Date of Award


Degree Name

Doctor of Philosophy (College of Arts and Science)

Schools and Centres

Arts & Sciences

First Supervisor

Doctor Angeline O'Neill

Second Supervisor

Professor Joan Wardrop


This thesis examines how ideologies such as feminism and patriarchy operate within language by providing a detailed analysis of five of Salman Rushdie’s novels, Midnight’s Children, Shame, The Satanic Verses, The Ground Beneath Her Feet and The Enchantress of Florence. It is concerned with the changes in Rushdie’s use of language and the effect of this on the way gender is constructed in the selected texts. His novels offer a critique of contemporary Western culture’s understanding of gender, identity, politics, philosophy and religion. Although Rushdean scholarship is often concerned with identity politics, this thesis expands the discussion by critically engaging with the gender politics in his texts. Language is a powerful and flexible tool of communication; it is changeable in nature and is ideologically driven. It can be used to oppress and liberate both the speaker and those spoken for. Language and ideology share a profound relationship. By looking at how ideologies operate within language we can call attention to some dominant cultural discourses that make up a culture’s norms, values and attitudes.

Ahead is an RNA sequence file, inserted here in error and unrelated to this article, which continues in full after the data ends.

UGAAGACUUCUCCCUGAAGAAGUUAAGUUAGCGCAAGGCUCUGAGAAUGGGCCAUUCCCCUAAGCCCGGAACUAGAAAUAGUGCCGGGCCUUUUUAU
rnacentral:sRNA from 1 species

Rushdie’s novels are an uncomfortable meeting place of patriarchal and anti-patriarchal sentiments. Critics have acknowledged the ambiguity and ambivalence found in Rushdie’s female characters to the point where some of the characters become destructive towards the male protagonists. This thesis concerns itself with the ways in which his use of language exhibits patriarchal norms and values in our discourse. Despite his best efforts Rushdie’s experimentation with language reveals how deeply ingrained patriarchal ideology is in language. As such, it is not surprising to find characters such as Arjumand ‘Virgin Ironpants’ Harappa in Shame and Ayesha the Prophetess in The Satanic Verses who seemingly reinforce patriarchal ideology. These characters are masculinised as powerful and strong women who become destructive towards the male protagonists and 3 eventually themselves and those around them at the conclusion of their narratives. Yet, Rani Harappa and Zeeny Vakil from the aforementioned texts are represented in such a way that they reject patriarchal stereotypes and proceed to reveal the patriarchal oppression which they are working within and against. Rushdie’s writings of women’s stories in the selected five texts is an attempt to portray a variety of women, depicting their strengths and struggles as well as how they cope living within the bounds of a patriarchal culture. Rather than pigeonholing Rushdie’s texts and his female characters as portraying sexist tropes, it is more useful to approach his works by examining how feminist and patriarchal ideologies operate within the language he uses.